REFAH, the Islamic Welfare Party that emerged as Turkey's largest political force in Sunday's parliamentary elections, will not likely be able to lead a new government.
Despite this, the vote clearly shows Turkey is at a crossroads - floundering between growing Islamic traditionalism and pro-Western and secular policies.
Refah won 21.3 percent of the total vote, a substantial gain over the 16.8 percent of the vote it won in 1991 general elections.
The center-right Motherland Party got 19.6 percent, and Prime Minister Tansu Ciller's True Path Party took 19.1 percent.
In order to form a coalition government (276 seats are needed), Refah leader Necmettin Erbakan, with only 158 of the 550 seats in the Assembly, must get the support of either the True Path Party (135 seats) or Motherland Party (132 seats).
But neither True Path nor Motherland is willing to join Refah, because of its antisecular, anti-Western program.
If Refah fails, any other formula would have to include Mrs. Ciller's True Path Party and Mesut Yilmaz's Motherland Party. They would need a third party - either the Democratic Left or the Social Democrats in order to have enough seats to govern.
But the main problem is the personal feud between Ciller and Yilmaz, who hurled insults and wildly attacked each other during the campaign.
The key issue is not whether their two parties, which have similar programs, can join forces, but how the two leaders will resolve the question of who will lead the government.
Both Ciller and Yilmaz, however, have said they are ready to consider forming a coalition if Erbakan fails. "The election campaign is over, and we have to let bygones be bygones and look to the future," Yilmaz said.
The winds change
But Sunday's elections seem to mark a significant change in Turkey's course.
"Even if Refah's access to power this time is blocked by a unity of secular forces," said the daily Sabah, "its growing influence and impact cannot be denied. Certainly there is no threat of a fundamentalist regime taking over in Turkey. But Refah is also a reality that can no longer be ignored."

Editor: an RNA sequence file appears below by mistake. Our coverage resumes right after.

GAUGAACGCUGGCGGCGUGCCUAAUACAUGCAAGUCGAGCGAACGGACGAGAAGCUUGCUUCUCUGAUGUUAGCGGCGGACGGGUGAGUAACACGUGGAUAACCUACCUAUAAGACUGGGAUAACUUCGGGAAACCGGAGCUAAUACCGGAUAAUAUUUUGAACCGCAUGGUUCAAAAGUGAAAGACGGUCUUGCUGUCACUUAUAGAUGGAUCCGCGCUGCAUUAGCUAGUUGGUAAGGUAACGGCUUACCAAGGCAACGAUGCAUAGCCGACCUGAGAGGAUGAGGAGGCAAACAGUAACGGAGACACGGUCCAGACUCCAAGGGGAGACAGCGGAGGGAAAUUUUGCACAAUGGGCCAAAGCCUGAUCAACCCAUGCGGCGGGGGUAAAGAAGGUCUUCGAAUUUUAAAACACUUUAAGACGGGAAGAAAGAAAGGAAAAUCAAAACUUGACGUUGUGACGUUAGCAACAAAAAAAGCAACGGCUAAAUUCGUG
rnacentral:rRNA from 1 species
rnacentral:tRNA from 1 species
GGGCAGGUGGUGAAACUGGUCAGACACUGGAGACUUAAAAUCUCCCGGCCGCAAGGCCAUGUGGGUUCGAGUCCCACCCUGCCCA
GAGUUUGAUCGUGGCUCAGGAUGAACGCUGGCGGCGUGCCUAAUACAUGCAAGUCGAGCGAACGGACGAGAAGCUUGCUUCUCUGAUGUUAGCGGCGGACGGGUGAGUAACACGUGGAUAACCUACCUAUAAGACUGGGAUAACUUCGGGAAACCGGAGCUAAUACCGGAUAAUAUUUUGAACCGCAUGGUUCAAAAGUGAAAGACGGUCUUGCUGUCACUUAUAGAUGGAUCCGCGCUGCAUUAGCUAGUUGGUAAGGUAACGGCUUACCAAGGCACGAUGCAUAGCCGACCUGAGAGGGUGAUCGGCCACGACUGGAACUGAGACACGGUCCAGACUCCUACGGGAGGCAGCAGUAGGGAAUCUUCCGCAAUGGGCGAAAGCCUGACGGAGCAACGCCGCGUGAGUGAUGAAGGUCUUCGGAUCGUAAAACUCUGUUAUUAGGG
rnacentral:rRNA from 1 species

Erbakan's dream is to start a movement for the unity of the Islamic world. "Turkey will become the leader of the whole Muslim world," he told the Monitor last week. "We shall introduce our Just Order doctrine to the Islamic world and will become one of the world's strongest countries."
The Just Order provides for introducing sharia, Islamic law, such as is practiced in Iran.
And Erbakan wants to change Turkey's traditional pro-Western policy. "We shall scrap the customs union with the European Union, which is a document of surrender and shame for Turkey," Erbakan said.
He also says he will immediately annul Operation Provide Comfort with the United States. The agreement enables US aircraft to use bases in southern Turkey to support their operation to protect Kurds in northern Iraq.
But the Turkish Army, which considers itself the guardian of modernization (and which intervened directly in government three times in the last three decades) is just watching.
It says it respects the outcome of the polls, and is not likely to react so long as there is no attempt to impose fundamentalism in Turkey.
Significantly though, the chief of staff Gen. Ismail Hakki Karadayl, just a day before the elections said, "The Turkish armed forces are the greatest insurance of the Turkish Republic, which is a democratic and secular state....
"Turkey has adopted a contemporary, democratic, modern, and secular outlook as opposed to all kinds of dogmatism and reaction."